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Santa Monica Prepares to Launch Mandatory Organics Recycling

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October 20, 2021 -- Santa Monica residents and businesses will soon need to sort organic waste from their garbage, while large food-related businesses will also need to recover and donate edible leftovers.

The new requirements are part of a "Mandatory Recycling Ordinance" the City Council is expected to approve Tuesday in order to comply with a 2016 State law that requires jurisdictions to approve measures to recycle organics.

The proposed ordinance "would dramatically increase recycling rates of food and green waste materials normally destined for the landfill," according to City staff.

The waste would be recycled as compost, used to power vehicles, produce electricity and feed the hungry, staff said.

The proposed ordinance is expected to "help the City reach its 2030 zero waste goal of reducing the per capita landfill disposal rate to 1.1 pounds of landfilled waste per person per day," according to staff.

Under the proposed ordinance, all residents and businesses must maintain an additional green-colored container for organics recycling, staff said. The container lid must remain closed when not in use.

The organics must be separated from the contents that go into the black refuse container or blue container for non-organic recyclables.

“Multi-family residential dwellings of five or more units and commercial generators shall periodically inspect blue, green, and black containers for contamination," according to staff.

"If containers are contaminated, generators must correct the issue and educate their employees on the importance of proper waste sorting to prevent contamination."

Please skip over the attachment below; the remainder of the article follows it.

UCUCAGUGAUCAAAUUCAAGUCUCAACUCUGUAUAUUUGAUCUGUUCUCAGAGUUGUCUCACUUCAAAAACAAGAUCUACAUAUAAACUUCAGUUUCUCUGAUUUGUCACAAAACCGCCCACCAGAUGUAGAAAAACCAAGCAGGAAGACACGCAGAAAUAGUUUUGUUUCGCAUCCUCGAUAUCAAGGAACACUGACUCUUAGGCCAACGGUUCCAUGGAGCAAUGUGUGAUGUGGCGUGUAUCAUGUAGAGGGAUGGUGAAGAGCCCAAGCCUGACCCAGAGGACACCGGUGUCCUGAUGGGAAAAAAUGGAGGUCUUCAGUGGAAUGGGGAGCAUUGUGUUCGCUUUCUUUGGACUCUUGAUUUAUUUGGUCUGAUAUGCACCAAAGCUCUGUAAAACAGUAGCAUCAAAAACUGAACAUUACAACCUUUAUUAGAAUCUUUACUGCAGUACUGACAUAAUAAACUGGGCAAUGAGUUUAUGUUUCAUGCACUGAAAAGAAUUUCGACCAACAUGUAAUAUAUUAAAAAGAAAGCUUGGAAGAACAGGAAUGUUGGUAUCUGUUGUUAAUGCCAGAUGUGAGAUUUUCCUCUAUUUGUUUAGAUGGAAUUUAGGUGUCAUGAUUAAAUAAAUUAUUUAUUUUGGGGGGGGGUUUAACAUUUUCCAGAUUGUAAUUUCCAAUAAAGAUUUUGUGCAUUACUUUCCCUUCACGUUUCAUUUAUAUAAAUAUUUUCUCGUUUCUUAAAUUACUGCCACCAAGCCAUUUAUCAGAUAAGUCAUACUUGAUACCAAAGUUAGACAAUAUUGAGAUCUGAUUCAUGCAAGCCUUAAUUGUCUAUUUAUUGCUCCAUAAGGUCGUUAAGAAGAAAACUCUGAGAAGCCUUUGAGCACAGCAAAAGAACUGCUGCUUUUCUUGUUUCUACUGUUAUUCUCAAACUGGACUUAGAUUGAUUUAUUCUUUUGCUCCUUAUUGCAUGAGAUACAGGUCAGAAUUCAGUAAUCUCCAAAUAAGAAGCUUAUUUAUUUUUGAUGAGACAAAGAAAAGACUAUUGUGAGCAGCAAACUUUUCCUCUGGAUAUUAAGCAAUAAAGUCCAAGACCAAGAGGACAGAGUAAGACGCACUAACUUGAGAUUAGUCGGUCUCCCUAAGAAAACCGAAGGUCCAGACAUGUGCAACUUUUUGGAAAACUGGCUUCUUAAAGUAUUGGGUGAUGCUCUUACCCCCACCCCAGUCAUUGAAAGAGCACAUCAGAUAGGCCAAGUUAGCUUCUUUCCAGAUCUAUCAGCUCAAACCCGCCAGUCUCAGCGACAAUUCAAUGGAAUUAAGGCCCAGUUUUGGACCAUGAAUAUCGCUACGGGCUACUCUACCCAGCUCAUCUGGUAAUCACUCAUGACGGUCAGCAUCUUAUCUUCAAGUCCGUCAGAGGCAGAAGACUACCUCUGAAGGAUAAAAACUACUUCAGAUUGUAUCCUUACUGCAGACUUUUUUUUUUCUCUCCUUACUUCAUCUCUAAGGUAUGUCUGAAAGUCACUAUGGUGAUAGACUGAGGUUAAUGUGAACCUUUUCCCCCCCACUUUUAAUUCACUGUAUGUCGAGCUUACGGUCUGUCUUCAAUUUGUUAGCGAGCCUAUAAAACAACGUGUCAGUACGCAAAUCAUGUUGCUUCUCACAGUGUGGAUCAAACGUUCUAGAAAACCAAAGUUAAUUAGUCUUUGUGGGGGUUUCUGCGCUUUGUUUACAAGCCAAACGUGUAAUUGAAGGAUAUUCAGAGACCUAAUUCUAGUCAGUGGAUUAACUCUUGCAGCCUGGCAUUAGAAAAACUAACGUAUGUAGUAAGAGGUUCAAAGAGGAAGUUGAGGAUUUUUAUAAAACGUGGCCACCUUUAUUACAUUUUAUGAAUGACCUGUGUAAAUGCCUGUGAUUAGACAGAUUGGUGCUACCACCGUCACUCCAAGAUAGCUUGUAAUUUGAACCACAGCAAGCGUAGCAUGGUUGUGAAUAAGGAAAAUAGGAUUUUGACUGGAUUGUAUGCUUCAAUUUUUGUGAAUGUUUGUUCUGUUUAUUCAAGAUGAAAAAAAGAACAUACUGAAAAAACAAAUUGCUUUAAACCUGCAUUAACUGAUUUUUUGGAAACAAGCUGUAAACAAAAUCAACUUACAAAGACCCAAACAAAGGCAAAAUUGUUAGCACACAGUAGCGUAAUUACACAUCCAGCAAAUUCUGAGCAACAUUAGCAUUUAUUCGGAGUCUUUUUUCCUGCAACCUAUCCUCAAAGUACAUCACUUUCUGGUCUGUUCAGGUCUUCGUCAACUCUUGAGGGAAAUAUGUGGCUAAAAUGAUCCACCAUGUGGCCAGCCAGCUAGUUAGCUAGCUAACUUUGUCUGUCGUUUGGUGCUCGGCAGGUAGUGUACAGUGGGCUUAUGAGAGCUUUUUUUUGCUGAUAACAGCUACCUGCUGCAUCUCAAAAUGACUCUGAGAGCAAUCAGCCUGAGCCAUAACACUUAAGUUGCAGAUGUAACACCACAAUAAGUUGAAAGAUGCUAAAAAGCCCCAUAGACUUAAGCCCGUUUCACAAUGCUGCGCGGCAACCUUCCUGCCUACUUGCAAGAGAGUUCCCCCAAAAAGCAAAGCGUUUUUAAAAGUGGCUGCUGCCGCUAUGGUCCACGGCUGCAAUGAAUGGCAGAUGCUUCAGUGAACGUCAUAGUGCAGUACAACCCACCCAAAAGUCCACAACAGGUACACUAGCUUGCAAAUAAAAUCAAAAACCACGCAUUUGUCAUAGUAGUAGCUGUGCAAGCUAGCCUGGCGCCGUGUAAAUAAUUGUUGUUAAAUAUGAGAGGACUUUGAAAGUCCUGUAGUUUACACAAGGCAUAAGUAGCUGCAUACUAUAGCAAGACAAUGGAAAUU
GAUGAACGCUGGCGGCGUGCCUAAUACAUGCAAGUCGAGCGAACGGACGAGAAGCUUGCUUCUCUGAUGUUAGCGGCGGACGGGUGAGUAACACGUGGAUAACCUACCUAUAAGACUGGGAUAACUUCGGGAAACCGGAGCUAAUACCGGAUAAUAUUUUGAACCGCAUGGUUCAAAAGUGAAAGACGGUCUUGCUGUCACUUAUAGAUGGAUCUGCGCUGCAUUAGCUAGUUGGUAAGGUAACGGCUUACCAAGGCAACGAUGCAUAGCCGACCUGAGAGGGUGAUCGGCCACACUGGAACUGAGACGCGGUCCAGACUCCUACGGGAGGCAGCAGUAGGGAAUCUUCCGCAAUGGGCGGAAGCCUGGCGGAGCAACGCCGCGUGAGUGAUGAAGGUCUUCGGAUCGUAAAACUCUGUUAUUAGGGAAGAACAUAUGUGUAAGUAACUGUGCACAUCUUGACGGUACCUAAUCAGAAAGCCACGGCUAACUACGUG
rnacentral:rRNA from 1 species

The ordinance also would establish an "Edible Food Recovery Program" that requires certain food-related businesses to "recover edible food leftovers," package them for reuse and donate them to a food bank.

Under the program, supermarkets with revenues of $2 million or more, grocery stores that are 10,000 square feet or larger, wholesale food markets and food service distributors must comply by January 1.

Restaurants that are 5,000 square feet or larger or have a minimum seating capacity of 250, hotels with a minimum of 200 rooms and an onsite food facility, health facilities with a minimum of 100 beds and onsite food services and large event venues must comply by January 1, 2024.

Establishments covered under the proposed ordinance must "arrange to recover the maximum amount of edible food that otherwise would be disposed" and "contract with food recovery organizations or services" to collect the food.

The proposed ordinance requires the establishments to "maintain specific records and make them available to the City for annual reporting purposes."

It also allows City enforcers to "access the premises and review records."

"Food recovery organizations or services that enter into agreements with generators would be required to report annual edible food collection data to the City and participate in capacity planning," staff said.

"The City would review and verify edible food recovery legal agreements between generators and recovery organizations on an annual basis."

The City launched an outreach program last December that informed businesses and multi-family property owners without green organics containers, according to staff.

Homeowners and business owners were also informed of the requirements of the proposed ordinance.

"While not in the proposed organics ordinance, the City is required to annually educate all generators, including commercial edible food generators, about organics recycling requirements and would continue updating and distributing outreach materials as needed," staff said.

Adopted in 2016 -- SB 1383 -- is "considered to be the most significant waste reduction mandate to be adopted in California in the last 30 years," staff said.

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